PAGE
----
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Retsdon

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About Retsdon

  • Rank

  • Birthday 02/03/1956

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  • Gender
    Male
  • From
    Saudi Arabia
  • Interests
    Learning blues guitar,drinking the wife's home-made wine, scheming how to get out of the Middle East.

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607 profile views
  1. One's personal opinion of the man is irrelevant. Here are her Majesty's soldiers shooting at the 'Leader of Her Majesty's Most Loyal Opposition', which is Corbyn's official position in our constitutional system. It's verging on treasonous behavior.
  2. That had me laughing out loud! Thanks. Thay
  3. Don't introduce the real world. It's considered impolite.
  4. https://www.consilium.europa.eu/en/press/press-releases/2019/03/20/invitation-letter-by-president-donald-tusk-to-the-members-of-the-european-council-ahead-of-their-meetings-on-21-and-22-march-2019/ From Tusk's invitation letter to the members of the council...... In the light of the consultations that I have been conducting over the past days, I believe that we could consider a short extension conditional on a positive vote on the Withdrawal Agreement in the House of Commons. ...........We will discuss it in detail tomorrow. When it comes to the approval of the Strasbourg agreement, I believe that this is possible, and in my view it does not create risks.....At this time I do not foresee an extraordinary European Council. If you were to approve my recommendations, and if there were a positive vote in the House of Commons next week, we could finalise and formalise the decision on the extension using a written procedure....... The European Council will start on Thursday afternoon with our usual exchange with President Tajani. We will then turn to Prime Minister May who will share her assessment of the latest developments regarding Brexit. After this, we will discuss the next steps concerning Brexit at 27. We will reconvene at 28 for dinner to discuss our relations with China..... It's all there for anyone who cares to look. You just need to broaden your reading range beyond your own side's propaganda The whole thing was decided in an hour or so, going by the schedule of the meeting. As for Macron, the Italians, etc, while they might in theory have disapproved an extension they quite obviously didn't feel strongly enough to make it an issue. They've all got more important things on their plates and their worlds don't revolve around the Brexit soap...unlike some others.....
  5. https://www.consilium.europa.eu/en/meetings/european-council/2019/03/21-22/ Are you saying a vote never took place at this meeting?
  6. And it was a waste of air, because no deal is the default outcome no matter what parliament might want. They might imagine it, but they haven't taken anything off the table, which they'll find out soon enough if Macron gets his way. And it was the government that requested the extension, not parliament. Britain is a constitutional monarchy, and power - including international treaty making and agreement - is exercised by the government through crown prerogative. Parliament has no such powers.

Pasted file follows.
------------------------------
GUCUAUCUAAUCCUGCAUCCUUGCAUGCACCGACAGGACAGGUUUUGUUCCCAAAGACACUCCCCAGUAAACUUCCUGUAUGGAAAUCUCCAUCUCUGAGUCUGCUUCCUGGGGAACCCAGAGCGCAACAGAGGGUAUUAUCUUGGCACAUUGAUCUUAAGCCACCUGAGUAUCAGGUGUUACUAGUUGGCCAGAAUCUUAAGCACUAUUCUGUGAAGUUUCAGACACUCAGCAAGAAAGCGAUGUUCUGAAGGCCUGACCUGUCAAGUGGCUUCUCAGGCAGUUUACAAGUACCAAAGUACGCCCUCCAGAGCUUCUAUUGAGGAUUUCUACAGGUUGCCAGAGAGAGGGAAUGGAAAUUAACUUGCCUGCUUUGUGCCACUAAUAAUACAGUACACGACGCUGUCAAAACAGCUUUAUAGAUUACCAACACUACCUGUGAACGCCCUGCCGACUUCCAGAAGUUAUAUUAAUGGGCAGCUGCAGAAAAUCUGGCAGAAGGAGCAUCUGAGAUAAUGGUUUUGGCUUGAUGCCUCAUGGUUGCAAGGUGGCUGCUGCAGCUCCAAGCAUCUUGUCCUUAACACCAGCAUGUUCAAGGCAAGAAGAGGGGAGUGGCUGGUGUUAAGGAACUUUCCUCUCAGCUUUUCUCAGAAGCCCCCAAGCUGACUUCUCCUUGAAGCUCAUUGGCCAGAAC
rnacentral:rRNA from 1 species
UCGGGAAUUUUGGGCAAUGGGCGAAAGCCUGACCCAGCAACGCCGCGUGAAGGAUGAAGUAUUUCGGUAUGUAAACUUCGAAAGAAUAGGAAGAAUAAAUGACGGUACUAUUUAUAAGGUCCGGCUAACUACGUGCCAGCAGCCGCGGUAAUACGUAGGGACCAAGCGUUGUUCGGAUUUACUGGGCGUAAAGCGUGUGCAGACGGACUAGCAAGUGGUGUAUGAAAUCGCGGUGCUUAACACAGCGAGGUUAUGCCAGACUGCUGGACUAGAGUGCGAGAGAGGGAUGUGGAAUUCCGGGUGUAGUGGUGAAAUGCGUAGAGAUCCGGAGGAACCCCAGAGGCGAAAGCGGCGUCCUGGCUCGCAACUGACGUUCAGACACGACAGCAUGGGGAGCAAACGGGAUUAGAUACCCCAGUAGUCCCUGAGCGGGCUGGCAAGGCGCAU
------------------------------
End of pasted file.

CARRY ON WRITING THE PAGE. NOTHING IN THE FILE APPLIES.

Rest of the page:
7. Well, I suppose it depends on what you mean by 'set'. Under the terms of Article 50, to which Britain is party as an EU member, in the absence of a Withdrawal Agreement the 29th was the leave date.But the UK government requested an extension and got it. The legal ins and outs of that, I've no idea about - but I presume it was all done by the book.
  8. On Skype a couple of hours ago, I was talking to Mrs. R, and behind her the chickens were literally going to roost the in the trees surrounding my mother in laws house. Perhaps it's just because they're Thai chickens, but these things were taking off like pheasants!
  9. Agreed. But they weren't by any means all voting for a hard Brexit. People had all kinds of expectations. The chart below is from June 2016.
  10. As Ivan Rogers observed, there's an old maxim that you campaign in poetry but govern in prose. And now that the chickens are airborne what sounded good 2 years ago is not necessarily practicable when the stuff actually hits the fan. (Sorry for the mixed metaphors)
  11. And that would be a very good thing. All the Brexit furore is because the country bought a pig in a poke. Nobody knew what was in the sack. Now the sack had been opened the creature has apparently turned out to be some kind of many-headed relative of Hydra, which nobody can actually control and which has a penchant for smashing and devouring political institutions. Doubtless economic ones will be next on the menu.
  12. Not true. It'll be music to the ears of some people who voted Brexit. For those who believed what they were told - extra money, a straightforward trade deal with the EU, an orderly transition, etc it won't be music. It will be a realization that they've been had. Exactly. And my guess is that post-Brexit will be even more bitter and divisive. Revolutions devour their children as the saying goes.
  13. In that case , why did they vote in massive majority to trigger A 50, surely these bastions of public integrity should have refused ? Quite! Until the government adduced a workable plan rather than a wish list, Parliament should have sent it back to the drawing board. But everyone was playing internal party politics instead of doing their job. So here we are - a complete and utter shambles with the country due to be kicked out of the EU in two weeks time, totally unprepared and with a vacuum at the centre of government. Macron decides Britain's future - that wasn't on the manifesto...
  14. 'It is a tenet of representative democracy that MPs are not delegates for their constituents. ..' https://www.politics.co.uk/reference/mps-and-political-artiesp
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